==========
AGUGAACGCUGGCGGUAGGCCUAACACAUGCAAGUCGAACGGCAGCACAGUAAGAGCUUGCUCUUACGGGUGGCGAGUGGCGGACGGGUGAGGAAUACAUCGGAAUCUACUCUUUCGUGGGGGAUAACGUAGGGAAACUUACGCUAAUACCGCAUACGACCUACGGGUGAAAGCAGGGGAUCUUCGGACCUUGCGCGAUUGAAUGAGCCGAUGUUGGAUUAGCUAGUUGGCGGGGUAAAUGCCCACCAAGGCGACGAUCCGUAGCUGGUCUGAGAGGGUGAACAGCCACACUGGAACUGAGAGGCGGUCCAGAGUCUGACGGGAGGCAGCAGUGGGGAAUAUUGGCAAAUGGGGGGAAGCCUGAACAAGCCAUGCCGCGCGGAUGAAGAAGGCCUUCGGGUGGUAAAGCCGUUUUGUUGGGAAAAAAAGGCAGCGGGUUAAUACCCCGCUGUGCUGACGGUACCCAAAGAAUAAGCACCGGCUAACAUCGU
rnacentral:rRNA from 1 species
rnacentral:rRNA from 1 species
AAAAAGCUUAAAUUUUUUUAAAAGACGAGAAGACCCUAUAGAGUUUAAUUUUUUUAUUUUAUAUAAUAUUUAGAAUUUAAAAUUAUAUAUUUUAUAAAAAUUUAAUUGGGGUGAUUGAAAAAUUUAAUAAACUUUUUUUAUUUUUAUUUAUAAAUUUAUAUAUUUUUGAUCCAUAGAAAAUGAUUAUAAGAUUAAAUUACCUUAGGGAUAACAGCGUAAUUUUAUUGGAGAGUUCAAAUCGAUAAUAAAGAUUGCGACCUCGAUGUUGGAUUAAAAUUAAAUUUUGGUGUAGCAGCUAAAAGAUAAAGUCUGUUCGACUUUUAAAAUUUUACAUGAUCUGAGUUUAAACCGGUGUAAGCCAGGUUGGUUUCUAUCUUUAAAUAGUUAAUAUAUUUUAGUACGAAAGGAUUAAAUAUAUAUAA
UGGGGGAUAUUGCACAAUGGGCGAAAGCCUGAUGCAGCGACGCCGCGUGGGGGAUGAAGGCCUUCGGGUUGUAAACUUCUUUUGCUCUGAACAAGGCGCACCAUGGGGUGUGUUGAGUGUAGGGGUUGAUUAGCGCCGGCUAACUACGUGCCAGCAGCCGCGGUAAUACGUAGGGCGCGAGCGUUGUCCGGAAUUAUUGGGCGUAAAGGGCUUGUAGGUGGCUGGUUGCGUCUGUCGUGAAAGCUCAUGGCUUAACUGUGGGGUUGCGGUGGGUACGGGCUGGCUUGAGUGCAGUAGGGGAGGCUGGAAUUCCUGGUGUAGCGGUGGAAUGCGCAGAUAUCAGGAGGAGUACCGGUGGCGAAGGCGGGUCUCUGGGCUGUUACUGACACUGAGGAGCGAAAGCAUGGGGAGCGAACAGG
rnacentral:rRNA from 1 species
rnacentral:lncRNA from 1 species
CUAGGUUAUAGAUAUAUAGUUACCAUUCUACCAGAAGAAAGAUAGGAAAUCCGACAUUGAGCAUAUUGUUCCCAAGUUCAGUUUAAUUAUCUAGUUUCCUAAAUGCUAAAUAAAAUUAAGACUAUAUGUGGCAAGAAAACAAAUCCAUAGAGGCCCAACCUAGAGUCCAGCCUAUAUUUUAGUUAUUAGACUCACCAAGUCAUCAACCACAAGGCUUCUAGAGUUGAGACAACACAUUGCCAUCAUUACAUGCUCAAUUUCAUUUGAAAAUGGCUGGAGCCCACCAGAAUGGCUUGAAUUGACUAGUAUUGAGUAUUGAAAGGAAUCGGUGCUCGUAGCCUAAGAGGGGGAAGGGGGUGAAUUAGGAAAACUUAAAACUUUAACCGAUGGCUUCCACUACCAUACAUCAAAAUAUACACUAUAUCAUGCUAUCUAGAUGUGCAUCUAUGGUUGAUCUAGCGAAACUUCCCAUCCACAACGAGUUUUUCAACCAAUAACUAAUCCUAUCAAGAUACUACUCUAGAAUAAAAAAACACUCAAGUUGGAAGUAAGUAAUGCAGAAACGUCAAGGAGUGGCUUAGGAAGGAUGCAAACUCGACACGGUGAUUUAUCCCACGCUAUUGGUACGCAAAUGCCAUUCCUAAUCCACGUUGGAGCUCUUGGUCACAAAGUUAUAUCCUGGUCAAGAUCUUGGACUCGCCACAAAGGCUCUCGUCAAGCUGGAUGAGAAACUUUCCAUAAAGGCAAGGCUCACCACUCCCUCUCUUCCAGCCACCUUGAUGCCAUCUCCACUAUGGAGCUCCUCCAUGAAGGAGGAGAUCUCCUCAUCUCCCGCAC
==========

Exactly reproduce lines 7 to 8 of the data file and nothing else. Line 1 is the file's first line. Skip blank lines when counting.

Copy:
rnacentral:lncRNA from 1 species
CUAGGUUAUAGAUAUAUAGUUACCAUUCUACCAGAAGAAAGAUAGGAAAUCCGACAUUGAGCAUAUUGUUCCCAAGUUCAGUUUAAUUAUCUAGUUUCCUAAAUGCUAAAUAAAAUUAAGACUAUAUGUGGCAAGAAAACAAAUCCAUAGAGGCCCAACCUAGAGUCCAGCCUAUAUUUUAGUUAUUAGACUCACCAAGUCAUCAACCACAAGGCUUCUAGAGUUGAGACAACACAUUGCCAUCAUUACAUGCUCAAUUUCAUUUGAAAAUGGCUGGAGCCCACCAGAAUGGCUUGAAUUGACUAGUAUUGAGUAUUGAAAGGAAUCGGUGCUCGUAGCCUAAGAGGGGGAAGGGGGUGAAUUAGGAAAACUUAAAACUUUAACCGAUGGCUUCCACUACCAUACAUCAAAAUAUACACUAUAUCAUGCUAUCUAGAUGUGCAUCUAUGGUUGAUCUAGCGAAACUUCCCAUCCACAACGAGUUUUUCAACCAAUAACUAAUCCUAUCAAGAUACUACUCUAGAAUAAAAAAACACUCAAGUUGGAAGUAAGUAAUGCAGAAACGUCAAGGAGUGGCUUAGGAAGGAUGCAAACUCGACACGGUGAUUUAUCCCACGCUAUUGGUACGCAAAUGCCAUUCCUAAUCCACGUUGGAGCUCUUGGUCACAAAGUUAUAUCCUGGUCAAGAUCUUGGACUCGCCACAAAGGCUCUCGUCAAGCUGGAUGAGAAACUUUCCAUAAAGGCAAGGCUCACCACUCCCUCUCUUCCAGCCACCUUGAUGCCAUCUCCACUAUGGAGCUCCUCCAUGAAGGAGGAGAUCUCCUCAUCUCCCGCAC